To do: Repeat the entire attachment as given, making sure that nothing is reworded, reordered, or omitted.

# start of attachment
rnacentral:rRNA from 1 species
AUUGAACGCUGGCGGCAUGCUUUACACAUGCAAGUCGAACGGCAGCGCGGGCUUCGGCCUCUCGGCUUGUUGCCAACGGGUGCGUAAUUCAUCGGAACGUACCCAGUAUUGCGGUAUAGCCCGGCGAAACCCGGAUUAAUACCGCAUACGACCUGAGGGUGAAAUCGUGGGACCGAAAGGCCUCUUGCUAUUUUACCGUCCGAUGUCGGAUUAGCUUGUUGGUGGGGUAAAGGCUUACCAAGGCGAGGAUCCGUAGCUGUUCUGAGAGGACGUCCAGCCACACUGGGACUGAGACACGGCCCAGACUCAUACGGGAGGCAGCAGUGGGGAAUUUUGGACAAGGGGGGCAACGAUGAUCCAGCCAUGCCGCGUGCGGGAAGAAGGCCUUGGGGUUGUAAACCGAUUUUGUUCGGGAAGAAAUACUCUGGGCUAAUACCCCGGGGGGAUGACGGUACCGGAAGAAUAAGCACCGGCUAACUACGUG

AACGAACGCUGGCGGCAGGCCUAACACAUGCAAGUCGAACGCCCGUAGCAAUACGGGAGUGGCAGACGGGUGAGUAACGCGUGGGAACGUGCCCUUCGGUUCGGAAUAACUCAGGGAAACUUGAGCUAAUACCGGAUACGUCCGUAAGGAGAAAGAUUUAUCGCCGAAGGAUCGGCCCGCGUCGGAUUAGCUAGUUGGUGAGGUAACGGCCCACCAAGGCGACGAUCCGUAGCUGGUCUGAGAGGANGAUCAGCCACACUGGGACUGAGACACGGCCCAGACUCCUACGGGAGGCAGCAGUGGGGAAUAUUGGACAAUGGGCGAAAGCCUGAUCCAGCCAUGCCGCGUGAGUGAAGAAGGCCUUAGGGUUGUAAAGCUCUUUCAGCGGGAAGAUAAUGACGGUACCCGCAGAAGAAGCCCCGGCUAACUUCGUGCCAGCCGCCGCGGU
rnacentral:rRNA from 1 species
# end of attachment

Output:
rnacentral:rRNA from 1 species
AUUGAACGCUGGCGGCAUGCUUUACACAUGCAAGUCGAACGGCAGCGCGGGCUUCGGCCUCUCGGCUUGUUGCCAACGGGUGCGUAAUUCAUCGGAACGUACCCAGUAUUGCGGUAUAGCCCGGCGAAACCCGGAUUAAUACCGCAUACGACCUGAGGGUGAAAUCGUGGGACCGAAAGGCCUCUUGCUAUUUUACCGUCCGAUGUCGGAUUAGCUUGUUGGUGGGGUAAAGGCUUACCAAGGCGAGGAUCCGUAGCUGUUCUGAGAGGACGUCCAGCCACACUGGGACUGAGACACGGCCCAGACUCAUACGGGAGGCAGCAGUGGGGAAUUUUGGACAAGGGGGGCAACGAUGAUCCAGCCAUGCCGCGUGCGGGAAGAAGGCCUUGGGGUUGUAAACCGAUUUUGUUCGGGAAGAAAUACUCUGGGCUAAUACCCCGGGGGGAUGACGGUACCGGAAGAAUAAGCACCGGCUAACUACGUG

AACGAACGCUGGCGGCAGGCCUAACACAUGCAAGUCGAACGCCCGUAGCAAUACGGGAGUGGCAGACGGGUGAGUAACGCGUGGGAACGUGCCCUUCGGUUCGGAAUAACUCAGGGAAACUUGAGCUAAUACCGGAUACGUCCGUAAGGAGAAAGAUUUAUCGCCGAAGGAUCGGCCCGCGUCGGAUUAGCUAGUUGGUGAGGUAACGGCCCACCAAGGCGACGAUCCGUAGCUGGUCUGAGAGGANGAUCAGCCACACUGGGACUGAGACACGGCCCAGACUCCUACGGGAGGCAGCAGUGGGGAAUAUUGGACAAUGGGCGAAAGCCUGAUCCAGCCAUGCCGCGUGAGUGAAGAAGGCCUUAGGGUUGUAAAGCUCUUUCAGCGGGAAGAUAAUGACGGUACCCGCAGAAGAAGCCCCGGCUAACUUCGUGCCAGCCGCCGCGGU
rnacentral:rRNA from 1 species